Range Fuels, Inc., known until just the other day as Kergy, Inc., will build a cellulosic ethanol plant in Georgia to turn wood waste into the biofuel. Range Fuels says its proprietary cellulosic ethanol technology can turn wood chips, agricultural wastes, grasses, cornstalks, hog manure, municipal garbage, sawdust or paper pulp (whew) into ethanol. Without using enzymes, the K2 system first turns the biomass into a synthetic gas and then into ethanol.
This new plant will be funded by Vinod Khosla's Khosla Ventures (Range Fuels itself is privately owned by Khosla Ventures) and can potentially create one million gallons of ethanol a year, along with and 70 new jobs. Khosla recently said at a Reuters Global Biofuels Summit that he thinks cellulosic fuel prices could sink to $1 per gallon within 10 years, and that would make them very attractive at the pump.

This cellulosic ethanol plant is a big step forward, since most ethanol plants in America use corn or soy as the biomass feedstock. Turning a waste product into fuel seems like a no-brainer. I'm not entirely sure if this waste is lumber industry by-product or things like fallen branches. The former seems much more likely, but the company's announcement reads, "Wood waste from the state's millions of acres of indigenous Georgia Pine will be the main source of biomass for the ethanol production." So, what does that mean exactly?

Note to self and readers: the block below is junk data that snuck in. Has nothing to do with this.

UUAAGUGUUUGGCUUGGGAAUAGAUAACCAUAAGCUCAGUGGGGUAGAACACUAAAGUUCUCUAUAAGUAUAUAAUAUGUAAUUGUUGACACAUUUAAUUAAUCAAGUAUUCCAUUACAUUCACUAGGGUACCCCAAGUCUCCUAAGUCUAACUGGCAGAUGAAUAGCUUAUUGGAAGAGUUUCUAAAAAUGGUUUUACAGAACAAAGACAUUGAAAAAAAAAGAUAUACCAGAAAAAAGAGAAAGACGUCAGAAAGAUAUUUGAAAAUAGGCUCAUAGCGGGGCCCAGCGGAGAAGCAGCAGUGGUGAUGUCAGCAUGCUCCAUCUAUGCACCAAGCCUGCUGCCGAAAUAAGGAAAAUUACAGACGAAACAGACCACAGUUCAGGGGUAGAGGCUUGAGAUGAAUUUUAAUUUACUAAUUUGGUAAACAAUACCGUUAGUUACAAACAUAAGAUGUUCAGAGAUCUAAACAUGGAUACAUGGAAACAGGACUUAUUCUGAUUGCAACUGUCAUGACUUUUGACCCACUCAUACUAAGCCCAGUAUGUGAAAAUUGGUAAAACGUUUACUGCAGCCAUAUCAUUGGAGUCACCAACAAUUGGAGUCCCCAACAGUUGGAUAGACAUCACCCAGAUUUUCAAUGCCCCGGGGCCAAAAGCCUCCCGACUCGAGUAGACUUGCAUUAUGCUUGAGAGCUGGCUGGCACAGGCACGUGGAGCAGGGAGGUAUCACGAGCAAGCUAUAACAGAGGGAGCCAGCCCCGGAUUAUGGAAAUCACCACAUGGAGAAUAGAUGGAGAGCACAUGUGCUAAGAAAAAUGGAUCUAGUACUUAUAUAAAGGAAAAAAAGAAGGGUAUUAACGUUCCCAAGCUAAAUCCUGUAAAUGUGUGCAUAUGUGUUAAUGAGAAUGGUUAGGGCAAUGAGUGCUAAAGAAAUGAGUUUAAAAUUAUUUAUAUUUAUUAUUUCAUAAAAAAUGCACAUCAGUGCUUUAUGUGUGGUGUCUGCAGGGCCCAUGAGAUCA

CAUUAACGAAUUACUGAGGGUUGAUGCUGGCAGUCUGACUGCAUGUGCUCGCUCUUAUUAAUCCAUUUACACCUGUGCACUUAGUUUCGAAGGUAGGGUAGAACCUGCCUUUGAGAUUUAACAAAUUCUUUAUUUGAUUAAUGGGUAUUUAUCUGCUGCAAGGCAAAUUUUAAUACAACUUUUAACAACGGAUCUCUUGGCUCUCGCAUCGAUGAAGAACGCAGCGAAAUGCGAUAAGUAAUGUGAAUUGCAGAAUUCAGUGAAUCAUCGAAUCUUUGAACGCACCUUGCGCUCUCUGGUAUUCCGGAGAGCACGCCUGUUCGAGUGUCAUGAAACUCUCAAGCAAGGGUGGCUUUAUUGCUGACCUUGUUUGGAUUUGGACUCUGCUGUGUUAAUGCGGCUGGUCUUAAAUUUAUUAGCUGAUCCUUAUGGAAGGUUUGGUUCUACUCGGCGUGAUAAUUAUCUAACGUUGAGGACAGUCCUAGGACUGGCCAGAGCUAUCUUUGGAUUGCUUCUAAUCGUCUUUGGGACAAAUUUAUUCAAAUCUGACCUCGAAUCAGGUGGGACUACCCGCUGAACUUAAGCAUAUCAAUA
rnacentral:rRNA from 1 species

[Source: Range Fuels, Inc.]

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